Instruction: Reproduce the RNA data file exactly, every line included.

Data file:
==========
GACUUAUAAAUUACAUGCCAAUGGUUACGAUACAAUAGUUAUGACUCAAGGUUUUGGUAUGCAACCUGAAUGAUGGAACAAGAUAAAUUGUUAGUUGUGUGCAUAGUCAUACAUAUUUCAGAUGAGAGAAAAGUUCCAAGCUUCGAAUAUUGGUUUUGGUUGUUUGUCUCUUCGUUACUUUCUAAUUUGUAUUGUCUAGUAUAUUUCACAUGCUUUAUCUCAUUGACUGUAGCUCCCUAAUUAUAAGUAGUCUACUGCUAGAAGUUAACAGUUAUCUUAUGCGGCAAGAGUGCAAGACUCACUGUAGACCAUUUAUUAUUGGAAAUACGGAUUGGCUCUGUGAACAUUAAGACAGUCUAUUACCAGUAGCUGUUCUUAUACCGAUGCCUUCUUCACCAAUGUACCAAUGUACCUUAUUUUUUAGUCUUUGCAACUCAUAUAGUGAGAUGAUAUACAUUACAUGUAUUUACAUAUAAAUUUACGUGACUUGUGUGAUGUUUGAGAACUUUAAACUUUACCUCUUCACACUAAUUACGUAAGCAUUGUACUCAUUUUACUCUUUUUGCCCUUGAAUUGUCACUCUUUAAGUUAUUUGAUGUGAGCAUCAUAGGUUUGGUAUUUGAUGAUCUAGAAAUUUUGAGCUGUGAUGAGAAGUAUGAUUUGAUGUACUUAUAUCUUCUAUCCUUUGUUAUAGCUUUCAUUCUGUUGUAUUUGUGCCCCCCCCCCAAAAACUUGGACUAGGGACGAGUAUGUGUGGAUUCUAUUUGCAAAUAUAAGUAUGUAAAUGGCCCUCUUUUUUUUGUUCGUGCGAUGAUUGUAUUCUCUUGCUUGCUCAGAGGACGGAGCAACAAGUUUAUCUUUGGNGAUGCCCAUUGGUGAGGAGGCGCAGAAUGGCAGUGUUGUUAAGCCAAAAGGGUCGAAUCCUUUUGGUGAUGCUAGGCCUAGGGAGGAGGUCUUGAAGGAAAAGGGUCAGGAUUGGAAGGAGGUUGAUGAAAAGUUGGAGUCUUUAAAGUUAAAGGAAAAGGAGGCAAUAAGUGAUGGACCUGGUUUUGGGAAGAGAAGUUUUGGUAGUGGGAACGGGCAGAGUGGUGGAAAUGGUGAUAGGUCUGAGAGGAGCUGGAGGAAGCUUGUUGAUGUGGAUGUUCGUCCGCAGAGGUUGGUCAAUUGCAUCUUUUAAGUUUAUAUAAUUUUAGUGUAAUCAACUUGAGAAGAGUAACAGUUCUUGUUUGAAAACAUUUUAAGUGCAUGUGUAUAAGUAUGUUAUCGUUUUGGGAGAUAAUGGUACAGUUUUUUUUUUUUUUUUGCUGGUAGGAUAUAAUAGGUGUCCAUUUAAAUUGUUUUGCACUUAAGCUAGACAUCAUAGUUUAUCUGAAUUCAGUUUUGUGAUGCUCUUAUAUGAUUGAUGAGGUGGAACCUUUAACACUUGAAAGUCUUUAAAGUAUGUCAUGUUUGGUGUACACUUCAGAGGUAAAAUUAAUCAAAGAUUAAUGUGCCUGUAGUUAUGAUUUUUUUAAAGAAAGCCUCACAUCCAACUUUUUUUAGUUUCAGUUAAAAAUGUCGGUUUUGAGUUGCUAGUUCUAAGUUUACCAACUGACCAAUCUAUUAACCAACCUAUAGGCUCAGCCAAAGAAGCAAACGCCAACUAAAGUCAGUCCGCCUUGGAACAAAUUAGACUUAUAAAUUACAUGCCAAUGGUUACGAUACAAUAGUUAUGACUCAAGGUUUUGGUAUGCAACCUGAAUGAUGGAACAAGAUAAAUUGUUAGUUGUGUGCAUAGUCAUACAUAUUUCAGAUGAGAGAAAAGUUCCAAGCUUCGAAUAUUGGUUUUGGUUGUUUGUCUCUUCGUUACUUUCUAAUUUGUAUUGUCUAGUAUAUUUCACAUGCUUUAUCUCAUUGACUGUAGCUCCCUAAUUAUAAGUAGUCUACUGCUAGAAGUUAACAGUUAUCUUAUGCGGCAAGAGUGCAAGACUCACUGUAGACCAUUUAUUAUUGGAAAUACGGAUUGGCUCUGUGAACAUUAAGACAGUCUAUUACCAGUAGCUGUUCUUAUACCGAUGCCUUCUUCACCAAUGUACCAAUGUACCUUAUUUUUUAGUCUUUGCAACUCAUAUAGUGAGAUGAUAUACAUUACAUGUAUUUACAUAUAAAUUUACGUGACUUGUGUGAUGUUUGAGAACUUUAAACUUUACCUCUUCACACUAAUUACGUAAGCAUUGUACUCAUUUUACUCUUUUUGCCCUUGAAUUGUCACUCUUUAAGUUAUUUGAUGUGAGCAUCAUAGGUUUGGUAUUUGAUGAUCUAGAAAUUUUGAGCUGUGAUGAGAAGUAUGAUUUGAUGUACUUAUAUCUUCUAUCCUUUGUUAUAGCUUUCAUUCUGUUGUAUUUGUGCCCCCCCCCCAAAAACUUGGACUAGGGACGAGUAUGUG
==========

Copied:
GACUUAUAAAUUACAUGCCAAUGGUUACGAUACAAUAGUUAUGACUCAAGGUUUUGGUAUGCAACCUGAAUGAUGGAACAAGAUAAAUUGUUAGUUGUGUGCAUAGUCAUACAUAUUUCAGAUGAGAGAAAAGUUCCAAGCUUCGAAUAUUGGUUUUGGUUGUUUGUCUCUUCGUUACUUUCUAAUUUGUAUUGUCUAGUAUAUUUCACAUGCUUUAUCUCAUUGACUGUAGCUCCCUAAUUAUAAGUAGUCUACUGCUAGAAGUUAACAGUUAUCUUAUGCGGCAAGAGUGCAAGACUCACUGUAGACCAUUUAUUAUUGGAAAUACGGAUUGGCUCUGUGAACAUUAAGACAGUCUAUUACCAGUAGCUGUUCUUAUACCGAUGCCUUCUUCACCAAUGUACCAAUGUACCUUAUUUUUUAGUCUUUGCAACUCAUAUAGUGAGAUGAUAUACAUUACAUGUAUUUACAUAUAAAUUUACGUGACUUGUGUGAUGUUUGAGAACUUUAAACUUUACCUCUUCACACUAAUUACGUAAGCAUUGUACUCAUUUUACUCUUUUUGCCCUUGAAUUGUCACUCUUUAAGUUAUUUGAUGUGAGCAUCAUAGGUUUGGUAUUUGAUGAUCUAGAAAUUUUGAGCUGUGAUGAGAAGUAUGAUUUGAUGUACUUAUAUCUUCUAUCCUUUGUUAUAGCUUUCAUUCUGUUGUAUUUGUGCCCCCCCCCCAAAAACUUGGACUAGGGACGAGUAUGUGUGGAUUCUAUUUGCAAAUAUAAGUAUGUAAAUGGCCCUCUUUUUUUUGUUCGUGCGAUGAUUGUAUUCUCUUGCUUGCUCAGAGGACGGAGCAACAAGUUUAUCUUUGGNGAUGCCCAUUGGUGAGGAGGCGCAGAAUGGCAGUGUUGUUAAGCCAAAAGGGUCGAAUCCUUUUGGUGAUGCUAGGCCUAGGGAGGAGGUCUUGAAGGAAAAGGGUCAGGAUUGGAAGGAGGUUGAUGAAAAGUUGGAGUCUUUAAAGUUAAAGGAAAAGGAGGCAAUAAGUGAUGGACCUGGUUUUGGGAAGAGAAGUUUUGGUAGUGGGAACGGGCAGAGUGGUGGAAAUGGUGAUAGGUCUGAGAGGAGCUGGAGGAAGCUUGUUGAUGUGGAUGUUCGUCCGCAGAGGUUGGUCAAUUGCAUCUUUUAAGUUUAUAUAAUUUUAGUGUAAUCAACUUGAGAAGAGUAACAGUUCUUGUUUGAAAACAUUUUAAGUGCAUGUGUAUAAGUAUGUUAUCGUUUUGGGAGAUAAUGGUACAGUUUUUUUUUUUUUUUUGCUGGUAGGAUAUAAUAGGUGUCCAUUUAAAUUGUUUUGCACUUAAGCUAGACAUCAUAGUUUAUCUGAAUUCAGUUUUGUGAUGCUCUUAUAUGAUUGAUGAGGUGGAACCUUUAACACUUGAAAGUCUUUAAAGUAUGUCAUGUUUGGUGUACACUUCAGAGGUAAAAUUAAUCAAAGAUUAAUGUGCCUGUAGUUAUGAUUUUUUUAAAGAAAGCCUCACAUCCAACUUUUUUUAGUUUCAGUUAAAAAUGUCGGUUUUGAGUUGCUAGUUCUAAGUUUACCAACUGACCAAUCUAUUAACCAACCUAUAGGCUCAGCCAAAGAAGCAAACGCCAACUAAAGUCAGUCCGCCUUGGAACAAAUUAGACUUAUAAAUUACAUGCCAAUGGUUACGAUACAAUAGUUAUGACUCAAGGUUUUGGUAUGCAACCUGAAUGAUGGAACAAGAUAAAUUGUUAGUUGUGUGCAUAGUCAUACAUAUUUCAGAUGAGAGAAAAGUUCCAAGCUUCGAAUAUUGGUUUUGGUUGUUUGUCUCUUCGUUACUUUCUAAUUUGUAUUGUCUAGUAUAUUUCACAUGCUUUAUCUCAUUGACUGUAGCUCCCUAAUUAUAAGUAGUCUACUGCUAGAAGUUAACAGUUAUCUUAUGCGGCAAGAGUGCAAGACUCACUGUAGACCAUUUAUUAUUGGAAAUACGGAUUGGCUCUGUGAACAUUAAGACAGUCUAUUACCAGUAGCUGUUCUUAUACCGAUGCCUUCUUCACCAAUGUACCAAUGUACCUUAUUUUUUAGUCUUUGCAACUCAUAUAGUGAGAUGAUAUACAUUACAUGUAUUUACAUAUAAAUUUACGUGACUUGUGUGAUGUUUGAGAACUUUAAACUUUACCUCUUCACACUAAUUACGUAAGCAUUGUACUCAUUUUACUCUUUUUGCCCUUGAAUUGUCACUCUUUAAGUUAUUUGAUGUGAGCAUCAUAGGUUUGGUAUUUGAUGAUCUAGAAAUUUUGAGCUGUGAUGAGAAGUAUGAUUUGAUGUACUUAUAUCUUCUAUCCUUUGUUAUAGCUUUCAUUCUGUUGUAUUUGUGCCCCCCCCCCAAAAACUUGGACUAGGGACGAGUAUGUG